“'Draydel Salad': The Serious Business of Jewish Food and Fun in Postwar America”
In the 1950s, the American Jewish publishing house Ktav embarked on a quest to capture the hearts and minds of Jewish children, fearing that unless educators and parents made Jewish children’s education entertaining, the young baby boomers would rapidly lose interest in their religious and cultural heritage. Highlighting postwar Jews’ anxieties about the future of their religion and culture, Ktav’s 1956 Junior Jewish Cook Book by Aunt Fanny taught children to enact social identities that vacillated uneasily between the markedly Jewish, the modern American, and a self-consciously diverting blend of the two. While cookbooks designed for Jewish American children abound today, Junior Jewish Cook Book is the earliest example of this genre. The slim, 64-page volume aimed to synthesize children’s bifurcated American and Jewish identities through the palpable and playful medium of food. Playfulness, and the intimate but ephemeral nature of food, also served to sugarcoat the cookbook’s cultural instruction.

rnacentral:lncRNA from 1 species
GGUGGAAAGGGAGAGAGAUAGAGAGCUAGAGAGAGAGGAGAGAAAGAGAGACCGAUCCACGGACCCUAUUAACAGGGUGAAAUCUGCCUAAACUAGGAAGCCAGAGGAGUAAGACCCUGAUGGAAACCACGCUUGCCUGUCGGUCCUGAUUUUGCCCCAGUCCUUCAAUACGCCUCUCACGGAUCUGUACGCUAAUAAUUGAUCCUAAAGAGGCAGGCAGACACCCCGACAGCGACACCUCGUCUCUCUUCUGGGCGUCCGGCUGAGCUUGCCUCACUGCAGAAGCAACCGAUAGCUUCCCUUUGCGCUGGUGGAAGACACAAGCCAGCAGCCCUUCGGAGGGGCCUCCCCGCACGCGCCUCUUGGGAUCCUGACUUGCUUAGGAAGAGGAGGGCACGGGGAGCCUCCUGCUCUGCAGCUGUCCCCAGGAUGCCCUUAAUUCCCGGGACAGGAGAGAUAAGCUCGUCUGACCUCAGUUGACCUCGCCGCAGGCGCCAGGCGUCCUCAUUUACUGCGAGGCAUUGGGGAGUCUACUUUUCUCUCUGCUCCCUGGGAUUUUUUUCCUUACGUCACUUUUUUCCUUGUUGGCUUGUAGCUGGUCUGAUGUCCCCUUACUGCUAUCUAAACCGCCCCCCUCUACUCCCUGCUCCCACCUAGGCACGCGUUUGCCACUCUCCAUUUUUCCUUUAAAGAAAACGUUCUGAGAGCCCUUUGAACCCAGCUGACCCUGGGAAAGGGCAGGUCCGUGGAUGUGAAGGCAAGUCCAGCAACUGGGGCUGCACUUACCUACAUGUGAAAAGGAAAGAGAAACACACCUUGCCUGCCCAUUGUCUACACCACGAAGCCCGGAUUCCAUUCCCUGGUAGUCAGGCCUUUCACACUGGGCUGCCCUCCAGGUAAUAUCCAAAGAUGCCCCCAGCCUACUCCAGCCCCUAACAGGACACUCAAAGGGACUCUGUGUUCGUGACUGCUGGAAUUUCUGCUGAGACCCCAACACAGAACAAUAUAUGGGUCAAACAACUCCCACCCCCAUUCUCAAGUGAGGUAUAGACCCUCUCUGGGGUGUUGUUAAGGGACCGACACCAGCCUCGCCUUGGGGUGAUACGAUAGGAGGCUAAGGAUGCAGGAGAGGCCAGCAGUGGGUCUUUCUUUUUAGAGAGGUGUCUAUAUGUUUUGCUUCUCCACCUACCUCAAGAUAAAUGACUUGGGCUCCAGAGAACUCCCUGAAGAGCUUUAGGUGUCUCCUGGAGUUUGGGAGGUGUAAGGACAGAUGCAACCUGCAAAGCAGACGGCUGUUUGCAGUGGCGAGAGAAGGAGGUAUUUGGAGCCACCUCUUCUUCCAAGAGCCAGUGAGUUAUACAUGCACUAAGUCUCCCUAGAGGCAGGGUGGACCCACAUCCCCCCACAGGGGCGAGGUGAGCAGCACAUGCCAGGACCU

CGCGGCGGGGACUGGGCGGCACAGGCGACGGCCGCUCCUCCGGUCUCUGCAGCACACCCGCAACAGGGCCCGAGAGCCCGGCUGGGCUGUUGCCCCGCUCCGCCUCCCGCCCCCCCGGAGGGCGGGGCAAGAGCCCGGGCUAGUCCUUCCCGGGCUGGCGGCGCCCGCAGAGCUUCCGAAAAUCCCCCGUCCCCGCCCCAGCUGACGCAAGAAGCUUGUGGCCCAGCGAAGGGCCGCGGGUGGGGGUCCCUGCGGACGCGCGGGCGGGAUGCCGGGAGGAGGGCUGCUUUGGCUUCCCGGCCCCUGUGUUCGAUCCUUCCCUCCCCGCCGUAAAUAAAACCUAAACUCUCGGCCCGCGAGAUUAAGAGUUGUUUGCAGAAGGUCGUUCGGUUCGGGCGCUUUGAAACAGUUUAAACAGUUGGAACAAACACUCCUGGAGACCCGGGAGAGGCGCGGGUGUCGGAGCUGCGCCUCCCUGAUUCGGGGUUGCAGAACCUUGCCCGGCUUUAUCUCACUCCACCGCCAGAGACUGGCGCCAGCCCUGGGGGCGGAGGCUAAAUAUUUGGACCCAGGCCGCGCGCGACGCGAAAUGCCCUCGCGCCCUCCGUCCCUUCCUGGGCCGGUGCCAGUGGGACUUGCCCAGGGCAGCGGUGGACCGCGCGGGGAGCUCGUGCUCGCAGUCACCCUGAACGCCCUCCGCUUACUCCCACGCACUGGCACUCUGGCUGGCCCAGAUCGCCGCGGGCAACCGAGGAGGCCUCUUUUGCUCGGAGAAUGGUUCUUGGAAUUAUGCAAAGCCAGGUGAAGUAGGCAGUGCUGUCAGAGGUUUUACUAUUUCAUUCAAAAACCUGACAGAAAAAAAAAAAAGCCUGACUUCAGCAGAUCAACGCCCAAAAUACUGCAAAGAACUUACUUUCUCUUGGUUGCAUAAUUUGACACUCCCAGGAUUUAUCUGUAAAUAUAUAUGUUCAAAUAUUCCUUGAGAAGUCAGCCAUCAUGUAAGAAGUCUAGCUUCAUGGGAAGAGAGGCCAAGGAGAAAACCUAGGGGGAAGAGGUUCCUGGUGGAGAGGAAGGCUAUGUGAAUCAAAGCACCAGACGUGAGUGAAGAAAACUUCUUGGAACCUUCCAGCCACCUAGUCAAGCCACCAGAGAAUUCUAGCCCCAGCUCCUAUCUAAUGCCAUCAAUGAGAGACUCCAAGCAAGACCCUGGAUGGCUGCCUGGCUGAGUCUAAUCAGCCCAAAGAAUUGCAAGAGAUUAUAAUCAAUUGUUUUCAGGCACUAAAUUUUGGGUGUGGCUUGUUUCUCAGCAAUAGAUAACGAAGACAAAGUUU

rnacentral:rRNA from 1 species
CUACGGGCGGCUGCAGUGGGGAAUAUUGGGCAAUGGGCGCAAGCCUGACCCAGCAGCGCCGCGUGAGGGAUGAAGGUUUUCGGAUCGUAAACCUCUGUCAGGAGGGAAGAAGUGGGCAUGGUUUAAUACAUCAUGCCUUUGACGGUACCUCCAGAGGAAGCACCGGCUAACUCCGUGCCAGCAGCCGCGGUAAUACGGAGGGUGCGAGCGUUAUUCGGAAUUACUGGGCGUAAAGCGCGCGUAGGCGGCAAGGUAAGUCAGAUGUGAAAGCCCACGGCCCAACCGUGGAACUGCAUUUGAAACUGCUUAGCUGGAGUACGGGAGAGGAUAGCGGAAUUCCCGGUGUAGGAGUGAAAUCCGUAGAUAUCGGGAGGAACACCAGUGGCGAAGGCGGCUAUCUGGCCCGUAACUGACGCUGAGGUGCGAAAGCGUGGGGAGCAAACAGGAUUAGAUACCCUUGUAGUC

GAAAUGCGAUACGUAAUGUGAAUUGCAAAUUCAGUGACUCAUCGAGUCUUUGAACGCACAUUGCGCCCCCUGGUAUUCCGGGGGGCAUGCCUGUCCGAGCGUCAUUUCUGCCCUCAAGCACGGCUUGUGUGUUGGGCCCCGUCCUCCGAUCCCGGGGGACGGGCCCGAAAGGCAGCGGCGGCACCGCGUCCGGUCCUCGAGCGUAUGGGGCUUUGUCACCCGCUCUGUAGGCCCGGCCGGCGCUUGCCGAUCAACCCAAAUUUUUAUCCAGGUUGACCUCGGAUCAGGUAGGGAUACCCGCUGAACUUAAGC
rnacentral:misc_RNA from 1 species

Using a children’s cookbook format, a popular and distinctly American form of entertainment, Ktav aimed to compensate for parents’ perceived failure to impart Jewish knowledge and norms to their progeny. Definitely Jewish but not “too Jewish” so as not to repel Jewish suburbanites eager to assimilate to mainstream America, Junior Jewish Cook Book encouraged its young readers to participate in normative American culinary practices by purchasing canned and packaged goods, using modern kitchen implements, and arranging food in fanciful forms according to current mainstream tastes, but to do so in service of Jewish traditions. By tying contemporary American foodways to a Jewish practice, Junior Jewish Cook Book employed American culture in the service of Judaism, teaching children to prepare, eat, and play with food in a seemingly lighthearted negotiation between warring concerns at the heart of a community.
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